Twenty-six years after publication of The One Minute Manager, Ken Blanchard has written The One Minute Entrepreneur. Blanchard, co-founder of an eponymous, 300-employee consulting firm in Escondido, California, spoke with editor Mike Hofman about leadership and fair pay.
Your new book says that a leader's job is to make sure that the people in a company are taken care of. Does that mean that entrepreneurs who set strategy and demand results, no questions asked, are ineffective?
If your employees are disengaged, and they don't take care of your customers, it doesn't matter how good your strategy is -- your customers will still go somewhere else. There's so much competition today that no customer has to put up with abuse. As a leader, you absolutely must expend your energy engaging your frontline employees so that they will take care of customers, who will tell stories about how great your company is to other people, who will become new customers. It's interesting to me that the distribution of salaries at most companies gives top managers a huge premium for their supposedly great strategic thinking, while people who deal with customers and operations are paid much less, on average. This is not to say that strategy isn't important. Leadership is about taking your organization somewhere. But the how is as important as the where.
Do you practice what you preach at your own company?
We take steps to ensure that pay is fair. We try to make sure that nobody earns more than 10 times the lowest-paid full-time employee. And we have something we call a gain-sharing program, which means that when we hit a profit target, everyone in the company gets a check for an equal amount. Let's say in a given year it's $2,000 per person. For the people who make $30,000 a year, an extra hit of $2,000, besides their annual raise -- well, I think that's a powerful way to engage them.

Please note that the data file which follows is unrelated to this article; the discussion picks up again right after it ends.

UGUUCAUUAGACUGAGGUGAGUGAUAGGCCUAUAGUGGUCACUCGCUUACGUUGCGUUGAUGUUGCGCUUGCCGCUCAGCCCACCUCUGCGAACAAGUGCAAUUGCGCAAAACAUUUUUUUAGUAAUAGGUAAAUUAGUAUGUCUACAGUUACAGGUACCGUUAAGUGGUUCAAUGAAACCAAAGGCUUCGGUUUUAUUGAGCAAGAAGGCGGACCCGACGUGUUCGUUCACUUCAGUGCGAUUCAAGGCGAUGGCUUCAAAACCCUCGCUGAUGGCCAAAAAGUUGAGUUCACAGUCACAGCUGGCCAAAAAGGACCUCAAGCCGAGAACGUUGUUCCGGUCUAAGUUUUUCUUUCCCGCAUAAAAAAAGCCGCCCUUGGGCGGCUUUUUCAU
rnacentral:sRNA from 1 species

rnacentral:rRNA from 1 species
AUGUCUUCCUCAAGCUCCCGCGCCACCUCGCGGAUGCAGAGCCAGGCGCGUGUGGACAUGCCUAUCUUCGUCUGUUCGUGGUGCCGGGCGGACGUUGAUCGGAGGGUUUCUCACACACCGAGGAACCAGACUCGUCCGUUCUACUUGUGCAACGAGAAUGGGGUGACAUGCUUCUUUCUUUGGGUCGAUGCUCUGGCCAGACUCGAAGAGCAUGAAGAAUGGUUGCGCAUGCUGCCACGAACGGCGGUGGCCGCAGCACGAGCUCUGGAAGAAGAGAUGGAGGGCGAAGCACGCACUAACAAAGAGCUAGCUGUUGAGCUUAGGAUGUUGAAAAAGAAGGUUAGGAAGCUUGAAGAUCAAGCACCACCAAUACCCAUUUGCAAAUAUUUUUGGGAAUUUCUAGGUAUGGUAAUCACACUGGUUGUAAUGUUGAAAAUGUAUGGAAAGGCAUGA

How do you handle questions of fairness and pay equity when the company isn't hitting its targets?
That happened to us in 2001. Much of our business is conducted at conferences and corporate events. After 9/11, we had a slew of cancellations. Nobody wanted to travel. We lost a million and a half dollars in revenue. I responded by opening the books to people so they could understand our financial situation. Then the question was, Should we have layoffs? I have three criteria for making decisions like that: What is legal, what is fair, and what will the effect of the decision be on my self-esteem? Layoffs would have been legal. I'm not sure they would have been fair. And I know they would have destroyed my self-esteem. So we decided instead to institute a hiring freeze and salary cuts across the board for six months. The cuts were higher for people who made more, and people who made below $50,000 a year were exempt. We felt that a salary cut at that level would have been too harsh. Everyone in my family who is on staff -- five of us, including me -- took a 25 percent salary cut. We also suspended matching 401(k) contributions for a year. And we told people that when we pulled out of the slump, we would take all 300 employees on a four-day, all-expenses-paid trip to Hawaii.
The business did rally, eventually, and we made good on our promise in 2005. The trip cost us $625,000, and in my view it was worth every penny. Can you imagine a public company worried about its quarterly numbers investing that kind of money in its people? We wouldn't take our company public if our last breath depended on it, precisely because you can't do things for the long-term benefit of your people when you're public. The problem with American business today is that Wall Street demands short-term thinking, which means that businesspeople focus on results and forget about the important people part of their jobs.
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